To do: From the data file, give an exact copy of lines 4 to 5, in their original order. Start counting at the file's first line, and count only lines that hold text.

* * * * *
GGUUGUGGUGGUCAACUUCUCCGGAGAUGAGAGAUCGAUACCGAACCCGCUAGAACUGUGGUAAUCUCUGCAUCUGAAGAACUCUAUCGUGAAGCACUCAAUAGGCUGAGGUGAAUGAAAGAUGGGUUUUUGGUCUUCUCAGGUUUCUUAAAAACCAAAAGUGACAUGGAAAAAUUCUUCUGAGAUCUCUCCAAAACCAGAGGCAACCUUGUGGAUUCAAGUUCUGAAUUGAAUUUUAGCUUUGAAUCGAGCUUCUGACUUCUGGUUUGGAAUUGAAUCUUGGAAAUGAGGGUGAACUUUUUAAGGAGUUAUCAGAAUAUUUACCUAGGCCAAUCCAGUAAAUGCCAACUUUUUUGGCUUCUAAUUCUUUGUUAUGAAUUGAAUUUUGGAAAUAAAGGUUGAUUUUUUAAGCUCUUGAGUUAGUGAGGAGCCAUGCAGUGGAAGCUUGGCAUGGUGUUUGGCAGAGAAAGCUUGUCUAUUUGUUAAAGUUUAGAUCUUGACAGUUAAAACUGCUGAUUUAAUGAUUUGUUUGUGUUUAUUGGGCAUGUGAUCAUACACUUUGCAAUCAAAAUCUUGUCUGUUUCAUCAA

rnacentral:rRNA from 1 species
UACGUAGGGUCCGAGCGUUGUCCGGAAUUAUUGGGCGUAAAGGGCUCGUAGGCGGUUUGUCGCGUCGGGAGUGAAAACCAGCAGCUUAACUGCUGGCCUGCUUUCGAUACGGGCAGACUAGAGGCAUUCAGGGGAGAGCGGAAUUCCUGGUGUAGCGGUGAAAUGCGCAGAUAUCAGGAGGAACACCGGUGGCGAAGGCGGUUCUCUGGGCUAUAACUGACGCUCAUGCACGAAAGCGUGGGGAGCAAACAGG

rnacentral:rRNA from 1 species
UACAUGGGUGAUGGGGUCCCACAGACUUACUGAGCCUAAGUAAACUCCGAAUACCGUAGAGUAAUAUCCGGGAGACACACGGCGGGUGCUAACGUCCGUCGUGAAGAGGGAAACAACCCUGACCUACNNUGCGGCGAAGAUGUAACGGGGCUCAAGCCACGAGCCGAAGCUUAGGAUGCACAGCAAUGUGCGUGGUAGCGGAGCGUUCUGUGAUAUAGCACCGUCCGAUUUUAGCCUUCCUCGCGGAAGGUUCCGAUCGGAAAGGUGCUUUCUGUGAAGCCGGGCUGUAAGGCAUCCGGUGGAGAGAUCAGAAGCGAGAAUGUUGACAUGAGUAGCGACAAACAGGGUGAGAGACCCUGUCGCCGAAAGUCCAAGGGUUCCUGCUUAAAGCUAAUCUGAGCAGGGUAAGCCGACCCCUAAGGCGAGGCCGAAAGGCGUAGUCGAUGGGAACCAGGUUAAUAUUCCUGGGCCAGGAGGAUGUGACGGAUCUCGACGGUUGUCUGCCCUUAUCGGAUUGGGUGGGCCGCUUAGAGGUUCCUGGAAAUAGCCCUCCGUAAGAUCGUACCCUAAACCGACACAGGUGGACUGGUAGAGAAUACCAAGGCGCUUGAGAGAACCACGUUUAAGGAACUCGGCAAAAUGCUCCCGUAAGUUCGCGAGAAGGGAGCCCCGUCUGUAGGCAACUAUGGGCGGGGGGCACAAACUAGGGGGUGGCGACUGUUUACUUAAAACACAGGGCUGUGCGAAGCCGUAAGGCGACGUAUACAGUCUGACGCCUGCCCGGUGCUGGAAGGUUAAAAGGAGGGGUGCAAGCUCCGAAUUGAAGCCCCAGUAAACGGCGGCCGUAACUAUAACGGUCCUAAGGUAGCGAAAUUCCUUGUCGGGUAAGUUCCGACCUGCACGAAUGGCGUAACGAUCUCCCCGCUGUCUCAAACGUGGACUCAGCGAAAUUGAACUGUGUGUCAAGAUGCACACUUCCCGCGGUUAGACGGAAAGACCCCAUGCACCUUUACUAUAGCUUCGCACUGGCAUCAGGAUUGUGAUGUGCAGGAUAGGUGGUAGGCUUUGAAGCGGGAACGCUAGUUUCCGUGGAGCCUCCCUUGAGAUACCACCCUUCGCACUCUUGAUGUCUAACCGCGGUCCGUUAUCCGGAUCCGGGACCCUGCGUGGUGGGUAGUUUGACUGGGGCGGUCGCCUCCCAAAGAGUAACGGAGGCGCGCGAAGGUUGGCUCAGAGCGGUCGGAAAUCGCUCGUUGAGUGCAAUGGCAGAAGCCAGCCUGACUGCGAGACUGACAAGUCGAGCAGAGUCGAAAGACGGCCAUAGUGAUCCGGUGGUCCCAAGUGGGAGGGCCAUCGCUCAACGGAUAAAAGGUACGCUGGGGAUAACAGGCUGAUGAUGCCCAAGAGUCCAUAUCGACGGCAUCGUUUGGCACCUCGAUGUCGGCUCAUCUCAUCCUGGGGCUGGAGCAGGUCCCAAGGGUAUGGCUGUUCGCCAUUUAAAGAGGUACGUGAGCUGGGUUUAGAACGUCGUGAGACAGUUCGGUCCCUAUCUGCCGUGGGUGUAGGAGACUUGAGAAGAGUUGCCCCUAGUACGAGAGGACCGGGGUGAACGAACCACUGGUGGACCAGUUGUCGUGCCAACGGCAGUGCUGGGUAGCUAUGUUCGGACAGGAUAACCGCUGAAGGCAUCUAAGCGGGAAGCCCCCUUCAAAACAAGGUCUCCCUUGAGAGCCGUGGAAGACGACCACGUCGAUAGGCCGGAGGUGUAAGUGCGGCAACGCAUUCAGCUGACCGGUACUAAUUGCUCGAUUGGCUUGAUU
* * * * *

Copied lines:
rnacentral:rRNA from 1 species
UACAUGGGUGAUGGGGUCCCACAGACUUACUGAGCCUAAGUAAACUCCGAAUACCGUAGAGUAAUAUCCGGGAGACACACGGCGGGUGCUAACGUCCGUCGUGAAGAGGGAAACAACCCUGACCUACNNUGCGGCGAAGAUGUAACGGGGCUCAAGCCACGAGCCGAAGCUUAGGAUGCACAGCAAUGUGCGUGGUAGCGGAGCGUUCUGUGAUAUAGCACCGUCCGAUUUUAGCCUUCCUCGCGGAAGGUUCCGAUCGGAAAGGUGCUUUCUGUGAAGCCGGGCUGUAAGGCAUCCGGUGGAGAGAUCAGAAGCGAGAAUGUUGACAUGAGUAGCGACAAACAGGGUGAGAGACCCUGUCGCCGAAAGUCCAAGGGUUCCUGCUUAAAGCUAAUCUGAGCAGGGUAAGCCGACCCCUAAGGCGAGGCCGAAAGGCGUAGUCGAUGGGAACCAGGUUAAUAUUCCUGGGCCAGGAGGAUGUGACGGAUCUCGACGGUUGUCUGCCCUUAUCGGAUUGGGUGGGCCGCUUAGAGGUUCCUGGAAAUAGCCCUCCGUAAGAUCGUACCCUAAACCGACACAGGUGGACUGGUAGAGAAUACCAAGGCGCUUGAGAGAACCACGUUUAAGGAACUCGGCAAAAUGCUCCCGUAAGUUCGCGAGAAGGGAGCCCCGUCUGUAGGCAACUAUGGGCGGGGGGCACAAACUAGGGGGUGGCGACUGUUUACUUAAAACACAGGGCUGUGCGAAGCCGUAAGGCGACGUAUACAGUCUGACGCCUGCCCGGUGCUGGAAGGUUAAAAGGAGGGGUGCAAGCUCCGAAUUGAAGCCCCAGUAAACGGCGGCCGUAACUAUAACGGUCCUAAGGUAGCGAAAUUCCUUGUCGGGUAAGUUCCGACCUGCACGAAUGGCGUAACGAUCUCCCCGCUGUCUCAAACGUGGACUCAGCGAAAUUGAACUGUGUGUCAAGAUGCACACUUCCCGCGGUUAGACGGAAAGACCCCAUGCACCUUUACUAUAGCUUCGCACUGGCAUCAGGAUUGUGAUGUGCAGGAUAGGUGGUAGGCUUUGAAGCGGGAACGCUAGUUUCCGUGGAGCCUCCCUUGAGAUACCACCCUUCGCACUCUUGAUGUCUAACCGCGGUCCGUUAUCCGGAUCCGGGACCCUGCGUGGUGGGUAGUUUGACUGGGGCGGUCGCCUCCCAAAGAGUAACGGAGGCGCGCGAAGGUUGGCUCAGAGCGGUCGGAAAUCGCUCGUUGAGUGCAAUGGCAGAAGCCAGCCUGACUGCGAGACUGACAAGUCGAGCAGAGUCGAAAGACGGCCAUAGUGAUCCGGUGGUCCCAAGUGGGAGGGCCAUCGCUCAACGGAUAAAAGGUACGCUGGGGAUAACAGGCUGAUGAUGCCCAAGAGUCCAUAUCGACGGCAUCGUUUGGCACCUCGAUGUCGGCUCAUCUCAUCCUGGGGCUGGAGCAGGUCCCAAGGGUAUGGCUGUUCGCCAUUUAAAGAGGUACGUGAGCUGGGUUUAGAACGUCGUGAGACAGUUCGGUCCCUAUCUGCCGUGGGUGUAGGAGACUUGAGAAGAGUUGCCCCUAGUACGAGAGGACCGGGGUGAACGAACCACUGGUGGACCAGUUGUCGUGCCAACGGCAGUGCUGGGUAGCUAUGUUCGGACAGGAUAACCGCUGAAGGCAUCUAAGCGGGAAGCCCCCUUCAAAACAAGGUCUCCCUUGAGAGCCGUGGAAGACGACCACGUCGAUAGGCCGGAGGUGUAAGUGCGGCAACGCAUUCAGCUGACCGGUACUAAUUGCUCGAUUGGCUUGAUU